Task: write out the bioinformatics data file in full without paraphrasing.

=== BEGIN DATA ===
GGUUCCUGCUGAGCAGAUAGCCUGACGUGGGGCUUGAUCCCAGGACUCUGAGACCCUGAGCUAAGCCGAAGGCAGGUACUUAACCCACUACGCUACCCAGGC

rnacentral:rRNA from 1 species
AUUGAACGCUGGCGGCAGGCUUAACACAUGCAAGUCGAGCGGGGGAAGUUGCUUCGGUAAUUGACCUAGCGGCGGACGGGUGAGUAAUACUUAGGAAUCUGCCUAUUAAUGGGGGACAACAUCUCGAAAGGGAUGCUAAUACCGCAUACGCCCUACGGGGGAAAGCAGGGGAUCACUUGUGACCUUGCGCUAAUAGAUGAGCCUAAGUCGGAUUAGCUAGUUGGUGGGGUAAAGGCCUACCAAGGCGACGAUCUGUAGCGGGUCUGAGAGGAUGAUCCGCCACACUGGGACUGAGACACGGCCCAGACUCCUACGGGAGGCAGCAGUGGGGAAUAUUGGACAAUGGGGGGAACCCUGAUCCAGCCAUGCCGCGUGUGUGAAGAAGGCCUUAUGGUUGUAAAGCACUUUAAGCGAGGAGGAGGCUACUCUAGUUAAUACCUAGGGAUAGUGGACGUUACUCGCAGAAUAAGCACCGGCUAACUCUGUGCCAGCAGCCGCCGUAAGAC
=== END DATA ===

GGUUCCUGCUGAGCAGAUAGCCUGACGUGGGGCUUGAUCCCAGGACUCUGAGACCCUGAGCUAAGCCGAAGGCAGGUACUUAACCCACUACGCUACCCAGGC

rnacentral:rRNA from 1 species
AUUGAACGCUGGCGGCAGGCUUAACACAUGCAAGUCGAGCGGGGGAAGUUGCUUCGGUAAUUGACCUAGCGGCGGACGGGUGAGUAAUACUUAGGAAUCUGCCUAUUAAUGGGGGACAACAUCUCGAAAGGGAUGCUAAUACCGCAUACGCCCUACGGGGGAAAGCAGGGGAUCACUUGUGACCUUGCGCUAAUAGAUGAGCCUAAGUCGGAUUAGCUAGUUGGUGGGGUAAAGGCCUACCAAGGCGACGAUCUGUAGCGGGUCUGAGAGGAUGAUCCGCCACACUGGGACUGAGACACGGCCCAGACUCCUACGGGAGGCAGCAGUGGGGAAUAUUGGACAAUGGGGGGAACCCUGAUCCAGCCAUGCCGCGUGUGUGAAGAAGGCCUUAUGGUUGUAAAGCACUUUAAGCGAGGAGGAGGCUACUCUAGUUAAUACCUAGGGAUAGUGGACGUUACUCGCAGAAUAAGCACCGGCUAACUCUGUGCCAGCAGCCGCCGUAAGAC